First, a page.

During the order review step, people might either change their mind or notice a mistake that makes them want to update their cart. 

In cases like this, being unable to update the cart instantly might become a huge frustration, as it means people must switch back to the product pages and start the whole process over.

Product variants and product quantity are updated most frequently and should definitely be editable.

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L.L.Bean allows users to edit product quantity, remove items and edit the cart

Hot traffic – To final review the order before checkout

While 69.57% of visitors don’t make purchases upon landing on cart pages, some people are predetermined. Once people finish comparing the items in their cart, they quickly move on and review other information, in specific, product information and general order information. 

By optimizing the Product Summary, the product information becomes clear for both types of visitors to review and compare. So basically, to optimize the cart page for people to be ready to buy, reviewing general order information is essential.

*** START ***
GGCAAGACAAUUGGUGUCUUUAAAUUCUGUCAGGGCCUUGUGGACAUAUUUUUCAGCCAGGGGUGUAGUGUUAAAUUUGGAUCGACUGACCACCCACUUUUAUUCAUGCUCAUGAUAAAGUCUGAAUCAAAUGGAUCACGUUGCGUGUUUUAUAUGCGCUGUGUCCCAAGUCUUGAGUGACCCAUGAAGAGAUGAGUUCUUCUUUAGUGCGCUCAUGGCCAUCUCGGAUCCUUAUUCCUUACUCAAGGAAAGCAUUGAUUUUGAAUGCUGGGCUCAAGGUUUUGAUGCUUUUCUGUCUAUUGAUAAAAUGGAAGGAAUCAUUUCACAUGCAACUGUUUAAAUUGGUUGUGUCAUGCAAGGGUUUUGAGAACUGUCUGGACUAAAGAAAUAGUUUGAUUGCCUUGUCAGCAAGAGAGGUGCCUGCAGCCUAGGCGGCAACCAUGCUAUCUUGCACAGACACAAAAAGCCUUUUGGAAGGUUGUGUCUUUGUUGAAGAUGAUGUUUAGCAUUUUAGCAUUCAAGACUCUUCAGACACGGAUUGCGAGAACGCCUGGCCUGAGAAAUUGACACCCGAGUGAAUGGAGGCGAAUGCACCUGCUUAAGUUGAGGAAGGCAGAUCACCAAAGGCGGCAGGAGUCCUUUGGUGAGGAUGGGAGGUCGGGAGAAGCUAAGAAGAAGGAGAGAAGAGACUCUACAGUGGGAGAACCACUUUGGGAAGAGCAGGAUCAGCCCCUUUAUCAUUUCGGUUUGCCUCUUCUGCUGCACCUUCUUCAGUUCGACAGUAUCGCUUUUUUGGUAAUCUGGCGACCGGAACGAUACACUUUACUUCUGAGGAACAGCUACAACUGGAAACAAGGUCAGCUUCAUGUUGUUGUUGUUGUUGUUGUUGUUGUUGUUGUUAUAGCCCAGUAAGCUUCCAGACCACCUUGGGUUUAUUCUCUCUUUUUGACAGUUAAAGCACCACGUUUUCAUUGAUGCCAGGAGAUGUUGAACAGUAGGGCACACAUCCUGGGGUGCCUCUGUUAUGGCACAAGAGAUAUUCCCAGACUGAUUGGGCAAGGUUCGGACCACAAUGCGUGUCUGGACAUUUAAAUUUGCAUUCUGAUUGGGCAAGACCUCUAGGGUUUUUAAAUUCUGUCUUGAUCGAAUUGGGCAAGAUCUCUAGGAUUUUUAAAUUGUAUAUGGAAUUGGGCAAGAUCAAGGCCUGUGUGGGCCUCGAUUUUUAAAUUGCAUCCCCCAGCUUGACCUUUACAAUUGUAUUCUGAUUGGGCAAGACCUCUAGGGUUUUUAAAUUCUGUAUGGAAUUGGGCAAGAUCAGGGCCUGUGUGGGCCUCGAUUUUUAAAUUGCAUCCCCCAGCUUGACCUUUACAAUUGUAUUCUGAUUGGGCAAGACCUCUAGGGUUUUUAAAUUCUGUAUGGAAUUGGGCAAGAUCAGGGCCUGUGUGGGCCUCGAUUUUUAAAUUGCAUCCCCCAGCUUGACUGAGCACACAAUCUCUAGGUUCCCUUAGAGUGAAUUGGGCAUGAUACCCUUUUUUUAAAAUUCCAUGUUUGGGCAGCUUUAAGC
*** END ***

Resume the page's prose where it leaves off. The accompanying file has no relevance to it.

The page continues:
Cart summary 

Before initiating the checkout process (which often includes filling out long forms), many people want to know about the cart’s total cost and the estimated delivery time. 

This information allows them to early determine if the cart meets their budget and time requirements, and not to waste time processing the checkout just to abandon the cart at the last step.

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Wayfair’s section to summarize the cart information

Shipping cost

While shipping cost varies by product and destination, there are many ways the shipping cost can be presented to be more reassuring. 

Display an actual lowest shipping cost